Annelies Štrba

Born 1947 in Zug, Switzerland, lives in Richterswil

When the autobiographical photography of Annelies Štrba first appeared in the 1990s, it produced quite a sensation. Perhaps no other artist up to that time had attempted to document their own childhood and motherhood in such a spontaneous manner, or to disclose this to the public. Motherhood, children, and intimacy were taboo. But not for Štrba. In an endless series of projected slides, Štrba allowed the public to peer into her childhood in Switzerland with her Czech father. When she herself became a mother of two daughters and a son, she began to obsessively record the development of her own children, from birth, through puberty, and even when they became parents themselves. Thus images pass by us of children sleeping, laughing, eating, taking a bath, or their first attempt at putting on make-up. Štrba’s photos are in fact nostalgic records of an imaginary paradise for children, filled with tenderness and intimacy. In addition, the spaces full of old furniture in which the infantile world takes place as well as the technique intensify the nostalgia of the photos. The images are mostly unfocused, often over-exposed and crudely developed in her own darkroom. This all produces a certain feeling of melancholy, similar to how each of us remembers the irrecoverable moments of our childhood. And it is precisely these images by Štrba, with her instinctive female approach, that opened up the door for another Swiss artist, Pippilotti Rist, or Gerhard Richter and his portraits of his wife with a newborn baby.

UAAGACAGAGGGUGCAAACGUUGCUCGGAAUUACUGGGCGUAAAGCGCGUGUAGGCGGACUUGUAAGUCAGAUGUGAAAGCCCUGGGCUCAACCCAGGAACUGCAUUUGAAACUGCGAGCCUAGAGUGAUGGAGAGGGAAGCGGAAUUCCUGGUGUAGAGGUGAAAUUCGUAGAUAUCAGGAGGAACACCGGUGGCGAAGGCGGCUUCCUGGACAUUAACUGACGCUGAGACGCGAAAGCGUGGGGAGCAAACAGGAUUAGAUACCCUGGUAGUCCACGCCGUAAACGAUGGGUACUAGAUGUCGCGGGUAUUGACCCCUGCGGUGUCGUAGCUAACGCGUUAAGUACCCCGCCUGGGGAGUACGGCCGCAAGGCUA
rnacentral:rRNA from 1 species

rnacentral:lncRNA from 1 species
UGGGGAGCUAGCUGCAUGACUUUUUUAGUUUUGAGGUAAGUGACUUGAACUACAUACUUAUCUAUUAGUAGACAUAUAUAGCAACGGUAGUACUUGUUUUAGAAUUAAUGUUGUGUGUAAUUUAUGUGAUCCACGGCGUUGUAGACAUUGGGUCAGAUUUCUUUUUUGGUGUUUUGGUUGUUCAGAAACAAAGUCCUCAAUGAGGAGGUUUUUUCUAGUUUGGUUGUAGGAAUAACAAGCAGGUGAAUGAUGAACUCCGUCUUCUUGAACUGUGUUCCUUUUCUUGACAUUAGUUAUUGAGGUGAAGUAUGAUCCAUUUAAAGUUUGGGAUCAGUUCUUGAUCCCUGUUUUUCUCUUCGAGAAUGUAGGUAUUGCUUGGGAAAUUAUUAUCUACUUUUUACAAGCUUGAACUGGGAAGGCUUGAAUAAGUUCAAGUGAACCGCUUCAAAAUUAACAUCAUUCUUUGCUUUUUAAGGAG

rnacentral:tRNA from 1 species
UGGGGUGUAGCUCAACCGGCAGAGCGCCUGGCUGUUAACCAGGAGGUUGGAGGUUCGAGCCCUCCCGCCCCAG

Štrba also managed to bring a certain romantic dreaminess to video and film, for example, in her series of photos about cities. In 2001, she produced a film about New York, a hypnotizing vision in which skyscrapers rise above the fog like gravestones. The individual shots are in such slow-motion that it is difficult not to think of Warhol’s 16-hour static scene of the Empire State Building. Paris in front of her lens fossilizes into monumentality more beautiful than reality. And in the film Street Parade 1, also from 2001, capturing the Berlin “Love Parade”, there are shots of crowds, electronically processed so that they create independent, beautifully coloured pictures that remind us of when art had something in common with beauty. Yet, Štrba’s pictures are about transient and timid beauty that does not in any way demean the fragility of soap bubbles released into the air by two sisters in the film Sedmikrásky (Daisies) by Czech director Věra Chytilová.